From being the center of the pop culture for the millennials growing up to a direct live-action reboot, Beauty and the Beast has come a long way, and now holds the record for biggest March opening ever.
The 1991’s Beauty and the Beast was not only the first animated movie from the house of Disney to compete in Oscar’s Best Picture category, but also became a buzz with $100 million box office mark. Fast forward in 2017, this glorious remake of the musical drama, directed by Bill Condon, is estimated to snag over $1.5 billion at the box office, with $400 million mark crossed in less than a week of release. Now that’s the perfect fulsome ode to the tale as old as time, true as it can be… you know the drill!
The Bottom Line
Coming back to the nostalgia of a celebrated love story – featuring the beautiful, independent and a book-worm Belle, played by Emma Watson on one side and a cursed but kind-hearted Prince, played by Dan Steves on the other, the chemistry between the two is just upright that was very important for the movie’s success. Emma is simply flawless with her strong-willed personality and she can sing too (you would want to burst out into a song with Belle’s first scene). As for Steves, well, he is a Beast worth saving. The enchanted servants, who were cursed along with the prince, are voiced by the likes of Ian McKellan (the clock), Emma Thompson (the teapot), Audra McDonalds (the wardrobe) and Ewan McGregor (the candelabra). The new addition, the Harpsichord, is voiced over by Stanley Tucci.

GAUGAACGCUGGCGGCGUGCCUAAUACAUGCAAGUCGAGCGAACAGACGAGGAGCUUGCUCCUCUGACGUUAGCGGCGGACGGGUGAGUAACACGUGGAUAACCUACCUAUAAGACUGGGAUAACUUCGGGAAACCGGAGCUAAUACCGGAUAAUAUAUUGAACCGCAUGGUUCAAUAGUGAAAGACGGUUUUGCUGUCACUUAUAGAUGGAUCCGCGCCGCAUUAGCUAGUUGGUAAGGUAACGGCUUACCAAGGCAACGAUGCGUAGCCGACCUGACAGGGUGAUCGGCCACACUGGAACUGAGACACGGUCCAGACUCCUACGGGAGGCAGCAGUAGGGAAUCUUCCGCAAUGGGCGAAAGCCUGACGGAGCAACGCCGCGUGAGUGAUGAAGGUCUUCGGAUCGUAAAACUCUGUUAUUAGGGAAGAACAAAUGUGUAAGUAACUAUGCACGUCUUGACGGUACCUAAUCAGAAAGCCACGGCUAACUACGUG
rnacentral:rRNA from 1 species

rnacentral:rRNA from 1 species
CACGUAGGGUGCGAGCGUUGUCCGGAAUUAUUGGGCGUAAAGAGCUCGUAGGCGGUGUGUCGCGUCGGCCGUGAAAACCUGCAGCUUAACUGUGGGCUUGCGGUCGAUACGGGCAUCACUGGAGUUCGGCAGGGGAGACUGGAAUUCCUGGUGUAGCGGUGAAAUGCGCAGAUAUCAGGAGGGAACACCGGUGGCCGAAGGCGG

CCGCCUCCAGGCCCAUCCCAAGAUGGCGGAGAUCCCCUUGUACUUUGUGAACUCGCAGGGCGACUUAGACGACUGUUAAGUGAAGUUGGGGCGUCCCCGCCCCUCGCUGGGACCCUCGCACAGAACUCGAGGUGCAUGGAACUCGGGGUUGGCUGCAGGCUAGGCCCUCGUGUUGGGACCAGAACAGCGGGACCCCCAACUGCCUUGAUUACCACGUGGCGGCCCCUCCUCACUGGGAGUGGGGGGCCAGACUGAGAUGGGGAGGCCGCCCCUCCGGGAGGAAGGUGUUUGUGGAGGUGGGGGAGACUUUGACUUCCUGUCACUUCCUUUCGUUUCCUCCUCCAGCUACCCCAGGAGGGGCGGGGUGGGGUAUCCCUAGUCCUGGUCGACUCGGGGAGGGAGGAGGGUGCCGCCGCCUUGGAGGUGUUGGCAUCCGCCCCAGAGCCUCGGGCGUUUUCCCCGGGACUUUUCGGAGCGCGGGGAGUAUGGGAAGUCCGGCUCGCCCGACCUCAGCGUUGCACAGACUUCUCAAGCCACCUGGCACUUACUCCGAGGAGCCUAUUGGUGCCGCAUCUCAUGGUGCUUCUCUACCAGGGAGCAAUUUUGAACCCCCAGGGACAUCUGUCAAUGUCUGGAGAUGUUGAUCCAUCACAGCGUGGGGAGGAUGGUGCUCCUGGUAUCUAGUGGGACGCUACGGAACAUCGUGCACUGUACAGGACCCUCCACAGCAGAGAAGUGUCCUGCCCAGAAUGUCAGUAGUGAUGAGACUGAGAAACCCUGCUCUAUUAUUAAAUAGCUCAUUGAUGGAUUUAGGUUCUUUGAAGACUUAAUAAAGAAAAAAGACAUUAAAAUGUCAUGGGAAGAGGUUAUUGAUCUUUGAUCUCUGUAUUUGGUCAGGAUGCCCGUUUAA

Alongside, the remake solves a lot of mysteries that were not covered or probably ignored in the previous version.
What happened to Prince’s parents after he and his servants were cursed by an enchantress? It turned out Maurice had never revealed to Belle the story behind her mother’s death, and this version puts a wee bit light on this fable as well. Yes, Belle’s mother died of plague which is why Maurice took her into the countryside so she could survive the catastrophe. The movie also implores the deeper relationship between Belle and Maurice.
The Gay Moment
As for the most hyped “exclusive gay moment” in Disney’s Beauty and the Beast, was nothing but a “blink-and-miss” moment. For all we know, this could be Disney’s attempt to testing waters by making it an “OMG- gay-thing-in-Disney-movie” moment, or probably just a strategy to create online commotion, whatever the purpose it served, it was definitely a tiny surprise for many Disney movie lovers and definitely did not affect the box office. However, this fact has earned the film non grata status in some countries, and thus, had to be coded, which makes it undetectable.
All in all, it is a sweet, harmless and visually sumptuous fairy tale that will enchant all ages. Just a bit more dense and long – perhaps, 45 minutes longer that allows scope for expansion. Menken’s songs are the pulse of this out-and-out musical. In the end, the sugar-rush finale will take you back to the original animated version for refreshment.